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UN rejects allegation of distributing substandard food in Nepal

The UN today rejected media reports that World Food Programme (WFP) has distributed substandard food to the survivors of devastating earthquake on April 25 and subsequent aftershocks.
“It is totally wrong and nonsense to make allegations by the local media that the WFP had distributed substandard foods to the earthquake affected people,” director of Coordination and Response Division of the UN Office of the Humanitarian Affairs John Ging said here today.
“The food distributed by the WFP were thoroughly checked before distributing them and maintained high standard,” Ging claimed, while talking to media before wrapping up his three-day visit to Nepal. However, the food distributed by the WFP has been repeatedly found substandard after the investigation of not only the lawmakers but also government’s food quality control agency. The lawmakers have asked the government to take action against the UN food agency for putting the people’s lives at risk by distributing substandard rice.
UN Humanitarian Coordinator in Nepal Jamie McGoldrick and Ging travelled to Sindhupalchowk district to visit affected areas and assess the progress of the ongoing humanitarian response.
Ging also met top officials including deputy prime minister and minister for Home Affairs Bamdev Gautam, finance minister Dr Ramsharan Mahat, foreign minister Mahendra Bahadur Pandey and discussed about UN relief operations in Nepal and post earthquake reconstruction.
Ging said that 2.1 million people in Nepal received food supply under the UN’s humanitarian assistance and temporary shelters were provided to 1.8 million people who were rendered homeless after the earthquakes.
The UN has accorded top priority to supply food, shelter and other necessary materials to the earthquake affected people in the wake of the upcoming monsoon season, he said, welcoming the political parties’ move to speed up the task of drafting the constitution by forging agreement among them on key issues.
Two months after the first of the back-to-back earthquakes hit Nepal, more than 2.8 million people in 14 districts remain in need of immediate humanitarian assistance, he said, adding that provision of temporary shelter, food and livelihoods support, basic medical care, sanitation and hygiene as well as protection remain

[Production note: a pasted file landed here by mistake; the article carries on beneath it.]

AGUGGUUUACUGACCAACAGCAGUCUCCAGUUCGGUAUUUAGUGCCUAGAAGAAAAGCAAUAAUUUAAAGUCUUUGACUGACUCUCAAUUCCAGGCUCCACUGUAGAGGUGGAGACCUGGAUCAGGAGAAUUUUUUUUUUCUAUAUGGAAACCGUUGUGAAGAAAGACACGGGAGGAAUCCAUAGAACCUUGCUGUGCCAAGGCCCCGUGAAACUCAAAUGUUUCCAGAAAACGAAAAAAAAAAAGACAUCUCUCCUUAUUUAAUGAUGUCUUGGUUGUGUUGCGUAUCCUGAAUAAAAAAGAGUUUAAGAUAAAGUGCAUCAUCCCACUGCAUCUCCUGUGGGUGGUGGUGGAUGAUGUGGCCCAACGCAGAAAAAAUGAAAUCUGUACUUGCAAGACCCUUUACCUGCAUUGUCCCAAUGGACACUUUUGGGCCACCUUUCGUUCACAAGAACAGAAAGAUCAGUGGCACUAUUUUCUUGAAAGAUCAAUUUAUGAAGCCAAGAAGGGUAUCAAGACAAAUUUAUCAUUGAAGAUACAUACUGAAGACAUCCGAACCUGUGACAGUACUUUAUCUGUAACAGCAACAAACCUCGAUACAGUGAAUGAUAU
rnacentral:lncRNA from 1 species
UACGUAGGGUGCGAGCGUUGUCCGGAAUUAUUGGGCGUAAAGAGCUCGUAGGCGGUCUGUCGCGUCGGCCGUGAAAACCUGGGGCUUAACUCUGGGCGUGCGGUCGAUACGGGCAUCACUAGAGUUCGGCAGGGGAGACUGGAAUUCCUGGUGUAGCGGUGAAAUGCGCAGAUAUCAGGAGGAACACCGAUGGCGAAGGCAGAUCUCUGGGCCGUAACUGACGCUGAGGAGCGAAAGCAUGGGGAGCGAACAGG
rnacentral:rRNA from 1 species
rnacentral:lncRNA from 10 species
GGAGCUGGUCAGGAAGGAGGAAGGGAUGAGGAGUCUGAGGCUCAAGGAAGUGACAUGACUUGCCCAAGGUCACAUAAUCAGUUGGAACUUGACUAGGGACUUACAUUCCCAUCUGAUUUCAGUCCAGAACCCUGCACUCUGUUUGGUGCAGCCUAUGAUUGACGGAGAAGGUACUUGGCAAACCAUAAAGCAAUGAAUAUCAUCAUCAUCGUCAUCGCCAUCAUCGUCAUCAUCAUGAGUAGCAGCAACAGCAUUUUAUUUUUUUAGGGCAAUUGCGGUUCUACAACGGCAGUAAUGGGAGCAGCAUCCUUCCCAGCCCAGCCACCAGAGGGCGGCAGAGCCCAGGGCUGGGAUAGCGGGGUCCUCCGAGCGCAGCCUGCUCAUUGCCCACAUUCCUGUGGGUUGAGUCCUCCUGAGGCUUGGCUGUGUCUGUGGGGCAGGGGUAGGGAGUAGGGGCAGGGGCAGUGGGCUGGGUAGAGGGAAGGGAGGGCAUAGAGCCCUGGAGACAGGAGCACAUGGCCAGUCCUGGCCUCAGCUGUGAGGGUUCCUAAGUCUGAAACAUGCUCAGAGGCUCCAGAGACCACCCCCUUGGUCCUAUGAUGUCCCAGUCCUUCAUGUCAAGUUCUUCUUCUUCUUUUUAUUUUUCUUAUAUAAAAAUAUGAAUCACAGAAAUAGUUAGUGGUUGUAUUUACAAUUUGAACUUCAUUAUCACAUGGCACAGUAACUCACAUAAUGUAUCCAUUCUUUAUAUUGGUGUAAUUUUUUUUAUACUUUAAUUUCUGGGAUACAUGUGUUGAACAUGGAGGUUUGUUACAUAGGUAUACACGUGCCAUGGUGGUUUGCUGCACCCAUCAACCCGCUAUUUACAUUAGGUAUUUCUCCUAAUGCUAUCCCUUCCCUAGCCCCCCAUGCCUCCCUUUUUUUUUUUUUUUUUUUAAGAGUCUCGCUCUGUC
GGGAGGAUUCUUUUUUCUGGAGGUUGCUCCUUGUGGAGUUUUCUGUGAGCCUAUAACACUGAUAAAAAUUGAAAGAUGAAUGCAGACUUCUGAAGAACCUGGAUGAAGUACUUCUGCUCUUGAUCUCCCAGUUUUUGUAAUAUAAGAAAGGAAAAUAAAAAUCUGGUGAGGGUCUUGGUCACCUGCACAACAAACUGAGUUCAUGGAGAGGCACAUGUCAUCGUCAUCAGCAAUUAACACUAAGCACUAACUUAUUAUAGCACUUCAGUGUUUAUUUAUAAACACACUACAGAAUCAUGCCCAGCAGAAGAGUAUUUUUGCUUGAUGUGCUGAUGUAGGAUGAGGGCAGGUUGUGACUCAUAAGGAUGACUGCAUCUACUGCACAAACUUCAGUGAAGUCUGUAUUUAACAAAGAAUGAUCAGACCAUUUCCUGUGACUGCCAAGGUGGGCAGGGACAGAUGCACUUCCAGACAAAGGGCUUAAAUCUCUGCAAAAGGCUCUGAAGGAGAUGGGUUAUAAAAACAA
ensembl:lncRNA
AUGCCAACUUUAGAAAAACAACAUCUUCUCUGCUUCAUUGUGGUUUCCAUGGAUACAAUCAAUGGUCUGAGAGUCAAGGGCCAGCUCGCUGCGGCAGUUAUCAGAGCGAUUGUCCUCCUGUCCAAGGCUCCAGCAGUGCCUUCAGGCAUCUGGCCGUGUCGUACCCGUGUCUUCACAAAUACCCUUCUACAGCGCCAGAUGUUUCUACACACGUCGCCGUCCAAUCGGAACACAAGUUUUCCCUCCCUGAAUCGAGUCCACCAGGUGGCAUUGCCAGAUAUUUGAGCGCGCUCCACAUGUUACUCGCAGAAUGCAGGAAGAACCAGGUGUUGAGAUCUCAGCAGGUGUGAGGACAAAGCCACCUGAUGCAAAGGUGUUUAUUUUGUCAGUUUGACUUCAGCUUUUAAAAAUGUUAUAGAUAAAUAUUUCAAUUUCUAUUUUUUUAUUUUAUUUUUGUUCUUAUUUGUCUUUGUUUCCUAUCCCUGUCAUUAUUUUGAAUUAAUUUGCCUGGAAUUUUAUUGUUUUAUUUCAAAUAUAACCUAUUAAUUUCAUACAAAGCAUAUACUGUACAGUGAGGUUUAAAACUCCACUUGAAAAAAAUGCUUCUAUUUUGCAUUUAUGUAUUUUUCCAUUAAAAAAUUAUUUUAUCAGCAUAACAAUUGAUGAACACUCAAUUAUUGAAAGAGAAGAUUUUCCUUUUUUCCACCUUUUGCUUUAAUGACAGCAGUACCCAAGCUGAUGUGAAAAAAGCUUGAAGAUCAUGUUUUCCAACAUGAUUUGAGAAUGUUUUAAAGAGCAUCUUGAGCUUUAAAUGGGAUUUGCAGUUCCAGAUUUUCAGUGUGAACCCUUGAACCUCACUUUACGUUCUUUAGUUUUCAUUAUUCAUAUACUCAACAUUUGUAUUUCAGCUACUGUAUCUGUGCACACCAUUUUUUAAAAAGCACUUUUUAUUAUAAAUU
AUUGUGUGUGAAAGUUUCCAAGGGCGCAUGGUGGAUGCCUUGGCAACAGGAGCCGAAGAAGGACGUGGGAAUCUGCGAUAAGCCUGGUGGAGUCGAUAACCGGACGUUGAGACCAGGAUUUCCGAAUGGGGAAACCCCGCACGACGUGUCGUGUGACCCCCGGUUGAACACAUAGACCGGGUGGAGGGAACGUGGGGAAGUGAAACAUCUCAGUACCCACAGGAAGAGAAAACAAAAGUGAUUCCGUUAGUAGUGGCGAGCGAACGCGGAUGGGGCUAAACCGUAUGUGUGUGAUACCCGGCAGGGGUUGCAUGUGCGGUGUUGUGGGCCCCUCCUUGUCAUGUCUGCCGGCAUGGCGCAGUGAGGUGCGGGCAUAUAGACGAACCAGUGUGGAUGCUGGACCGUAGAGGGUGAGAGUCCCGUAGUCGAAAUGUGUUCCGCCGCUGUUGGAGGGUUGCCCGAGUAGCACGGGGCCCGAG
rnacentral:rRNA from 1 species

top priorities for the response. “Humanitarians are now well-positioned to assist all the affected communities, including those perchedon the high mountain slopes, thanks to the many innovative aid delivery methods, including cashbased interventions and porters, and logistical solutions put in place. He also said that funding is crucial for thehumanitarian community to continue to meet the needs, but it remains limited. “Support of the international community, in particular technical and financial partners, is crucial forhumanitarian actors to be able to keep on responding timely and adequately,” Ging said, “Effective, needs-basedrelief and recovery are the key prerequisite for any reconstruction effort to be successful, and as suchmust continue to be supported even as the immediate relief phase winds down and reconstructionefforts accelerate.
If the humanitarian needs are not addressed immediately, he suspected that much of the development progress made todate will be lost, many existing and underlying vulnerabilities will be exacerbated beyond the
emergency thresholds, and communities will lose their ability to withstand any additional shocks such as these brought by the cold and damp monsoon season.
He also expressed satisfaction over the overwhelming response shown by the international communities, who pledged $4.4 billion for Nepal’s reconstruction during the Internation Conference on Nepal’s Reconstruction (ICNR) recently held in Kathmandu.